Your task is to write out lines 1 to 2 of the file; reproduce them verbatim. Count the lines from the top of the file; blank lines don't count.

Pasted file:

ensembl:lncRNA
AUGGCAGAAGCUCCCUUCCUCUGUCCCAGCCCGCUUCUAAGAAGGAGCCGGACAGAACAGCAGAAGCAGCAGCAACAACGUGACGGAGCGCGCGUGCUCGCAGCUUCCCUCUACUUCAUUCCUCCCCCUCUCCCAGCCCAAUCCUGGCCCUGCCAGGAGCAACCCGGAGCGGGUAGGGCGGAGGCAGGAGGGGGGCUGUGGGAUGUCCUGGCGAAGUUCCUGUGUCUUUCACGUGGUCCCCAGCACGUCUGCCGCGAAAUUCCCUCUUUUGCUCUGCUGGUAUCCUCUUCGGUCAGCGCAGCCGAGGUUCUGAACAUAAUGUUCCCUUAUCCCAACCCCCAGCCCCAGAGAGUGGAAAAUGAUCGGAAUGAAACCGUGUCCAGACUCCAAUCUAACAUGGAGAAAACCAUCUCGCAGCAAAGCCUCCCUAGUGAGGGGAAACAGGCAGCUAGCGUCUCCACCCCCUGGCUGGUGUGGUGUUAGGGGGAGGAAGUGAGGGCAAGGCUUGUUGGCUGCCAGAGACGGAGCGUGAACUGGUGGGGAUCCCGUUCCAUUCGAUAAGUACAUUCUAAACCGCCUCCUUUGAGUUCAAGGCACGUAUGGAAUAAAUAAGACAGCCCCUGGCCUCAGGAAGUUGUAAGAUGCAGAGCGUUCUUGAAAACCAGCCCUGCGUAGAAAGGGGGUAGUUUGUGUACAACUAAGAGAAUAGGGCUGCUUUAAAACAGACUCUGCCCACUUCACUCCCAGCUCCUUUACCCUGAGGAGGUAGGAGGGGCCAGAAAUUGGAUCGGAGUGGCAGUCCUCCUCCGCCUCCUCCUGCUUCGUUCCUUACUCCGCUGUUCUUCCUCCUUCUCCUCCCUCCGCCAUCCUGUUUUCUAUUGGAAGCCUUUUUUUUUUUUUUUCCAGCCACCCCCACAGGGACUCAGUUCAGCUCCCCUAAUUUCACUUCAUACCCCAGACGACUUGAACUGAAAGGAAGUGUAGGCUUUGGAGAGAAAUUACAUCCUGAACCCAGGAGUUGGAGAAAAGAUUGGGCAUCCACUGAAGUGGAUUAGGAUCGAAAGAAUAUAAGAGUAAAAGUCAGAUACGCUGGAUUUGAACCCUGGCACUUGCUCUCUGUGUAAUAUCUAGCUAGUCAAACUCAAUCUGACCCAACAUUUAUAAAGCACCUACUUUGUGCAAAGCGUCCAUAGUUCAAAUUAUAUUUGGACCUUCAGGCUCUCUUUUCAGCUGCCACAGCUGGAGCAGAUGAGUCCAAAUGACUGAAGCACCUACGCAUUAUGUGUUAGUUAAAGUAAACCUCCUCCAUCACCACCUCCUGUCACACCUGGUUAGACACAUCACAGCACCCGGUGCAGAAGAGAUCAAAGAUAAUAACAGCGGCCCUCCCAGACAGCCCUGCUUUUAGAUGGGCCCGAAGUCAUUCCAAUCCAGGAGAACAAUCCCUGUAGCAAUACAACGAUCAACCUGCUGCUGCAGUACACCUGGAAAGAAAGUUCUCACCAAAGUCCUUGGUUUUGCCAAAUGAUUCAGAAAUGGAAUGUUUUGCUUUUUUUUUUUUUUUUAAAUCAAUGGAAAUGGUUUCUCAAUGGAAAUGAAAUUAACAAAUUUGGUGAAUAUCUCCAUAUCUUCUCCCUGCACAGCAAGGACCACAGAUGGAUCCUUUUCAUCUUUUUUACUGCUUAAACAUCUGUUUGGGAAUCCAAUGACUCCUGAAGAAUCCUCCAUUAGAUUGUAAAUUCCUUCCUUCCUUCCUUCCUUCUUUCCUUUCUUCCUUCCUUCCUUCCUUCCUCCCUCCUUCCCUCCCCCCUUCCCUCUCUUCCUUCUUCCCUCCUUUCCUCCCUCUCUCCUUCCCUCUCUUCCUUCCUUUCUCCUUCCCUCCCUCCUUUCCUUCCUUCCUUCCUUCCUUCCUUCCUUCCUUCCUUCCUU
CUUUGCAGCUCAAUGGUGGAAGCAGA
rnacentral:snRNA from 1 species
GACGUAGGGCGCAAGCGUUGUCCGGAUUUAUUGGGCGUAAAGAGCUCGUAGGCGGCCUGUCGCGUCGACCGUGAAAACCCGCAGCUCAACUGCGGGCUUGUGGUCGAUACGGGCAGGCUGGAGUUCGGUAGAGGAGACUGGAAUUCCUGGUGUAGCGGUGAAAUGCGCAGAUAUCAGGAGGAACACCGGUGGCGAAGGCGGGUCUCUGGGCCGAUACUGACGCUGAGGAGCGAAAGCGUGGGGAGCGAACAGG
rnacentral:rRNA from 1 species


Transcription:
ensembl:lncRNA
AUGGCAGAAGCUCCCUUCCUCUGUCCCAGCCCGCUUCUAAGAAGGAGCCGGACAGAACAGCAGAAGCAGCAGCAACAACGUGACGGAGCGCGCGUGCUCGCAGCUUCCCUCUACUUCAUUCCUCCCCCUCUCCCAGCCCAAUCCUGGCCCUGCCAGGAGCAACCCGGAGCGGGUAGGGCGGAGGCAGGAGGGGGGCUGUGGGAUGUCCUGGCGAAGUUCCUGUGUCUUUCACGUGGUCCCCAGCACGUCUGCCGCGAAAUUCCCUCUUUUGCUCUGCUGGUAUCCUCUUCGGUCAGCGCAGCCGAGGUUCUGAACAUAAUGUUCCCUUAUCCCAACCCCCAGCCCCAGAGAGUGGAAAAUGAUCGGAAUGAAACCGUGUCCAGACUCCAAUCUAACAUGGAGAAAACCAUCUCGCAGCAAAGCCUCCCUAGUGAGGGGAAACAGGCAGCUAGCGUCUCCACCCCCUGGCUGGUGUGGUGUUAGGGGGAGGAAGUGAGGGCAAGGCUUGUUGGCUGCCAGAGACGGAGCGUGAACUGGUGGGGAUCCCGUUCCAUUCGAUAAGUACAUUCUAAACCGCCUCCUUUGAGUUCAAGGCACGUAUGGAAUAAAUAAGACAGCCCCUGGCCUCAGGAAGUUGUAAGAUGCAGAGCGUUCUUGAAAACCAGCCCUGCGUAGAAAGGGGGUAGUUUGUGUACAACUAAGAGAAUAGGGCUGCUUUAAAACAGACUCUGCCCACUUCACUCCCAGCUCCUUUACCCUGAGGAGGUAGGAGGGGCCAGAAAUUGGAUCGGAGUGGCAGUCCUCCUCCGCCUCCUCCUGCUUCGUUCCUUACUCCGCUGUUCUUCCUCCUUCUCCUCCCUCCGCCAUCCUGUUUUCUAUUGGAAGCCUUUUUUUUUUUUUUUCCAGCCACCCCCACAGGGACUCAGUUCAGCUCCCCUAAUUUCACUUCAUACCCCAGACGACUUGAACUGAAAGGAAGUGUAGGCUUUGGAGAGAAAUUACAUCCUGAACCCAGGAGUUGGAGAAAAGAUUGGGCAUCCACUGAAGUGGAUUAGGAUCGAAAGAAUAUAAGAGUAAAAGUCAGAUACGCUGGAUUUGAACCCUGGCACUUGCUCUCUGUGUAAUAUCUAGCUAGUCAAACUCAAUCUGACCCAACAUUUAUAAAGCACCUACUUUGUGCAAAGCGUCCAUAGUUCAAAUUAUAUUUGGACCUUCAGGCUCUCUUUUCAGCUGCCACAGCUGGAGCAGAUGAGUCCAAAUGACUGAAGCACCUACGCAUUAUGUGUUAGUUAAAGUAAACCUCCUCCAUCACCACCUCCUGUCACACCUGGUUAGACACAUCACAGCACCCGGUGCAGAAGAGAUCAAAGAUAAUAACAGCGGCCCUCCCAGACAGCCCUGCUUUUAGAUGGGCCCGAAGUCAUUCCAAUCCAGGAGAACAAUCCCUGUAGCAAUACAACGAUCAACCUGCUGCUGCAGUACACCUGGAAAGAAAGUUCUCACCAAAGUCCUUGGUUUUGCCAAAUGAUUCAGAAAUGGAAUGUUUUGCUUUUUUUUUUUUUUUUAAAUCAAUGGAAAUGGUUUCUCAAUGGAAAUGAAAUUAACAAAUUUGGUGAAUAUCUCCAUAUCUUCUCCCUGCACAGCAAGGACCACAGAUGGAUCCUUUUCAUCUUUUUUACUGCUUAAACAUCUGUUUGGGAAUCCAAUGACUCCUGAAGAAUCCUCCAUUAGAUUGUAAAUUCCUUCCUUCCUUCCUUCCUUCUUUCCUUUCUUCCUUCCUUCCUUCCUUCCUCCCUCCUUCCCUCCCCCCUUCCCUCUCUUCCUUCUUCCCUCCUUUCCUCCCUCUCUCCUUCCCUCUCUUCCUUCCUUUCUCCUUCCCUCCCUCCUUUCCUUCCUUCCUUCCUUCCUUCCUUCCUUCCUUCCUUCCUU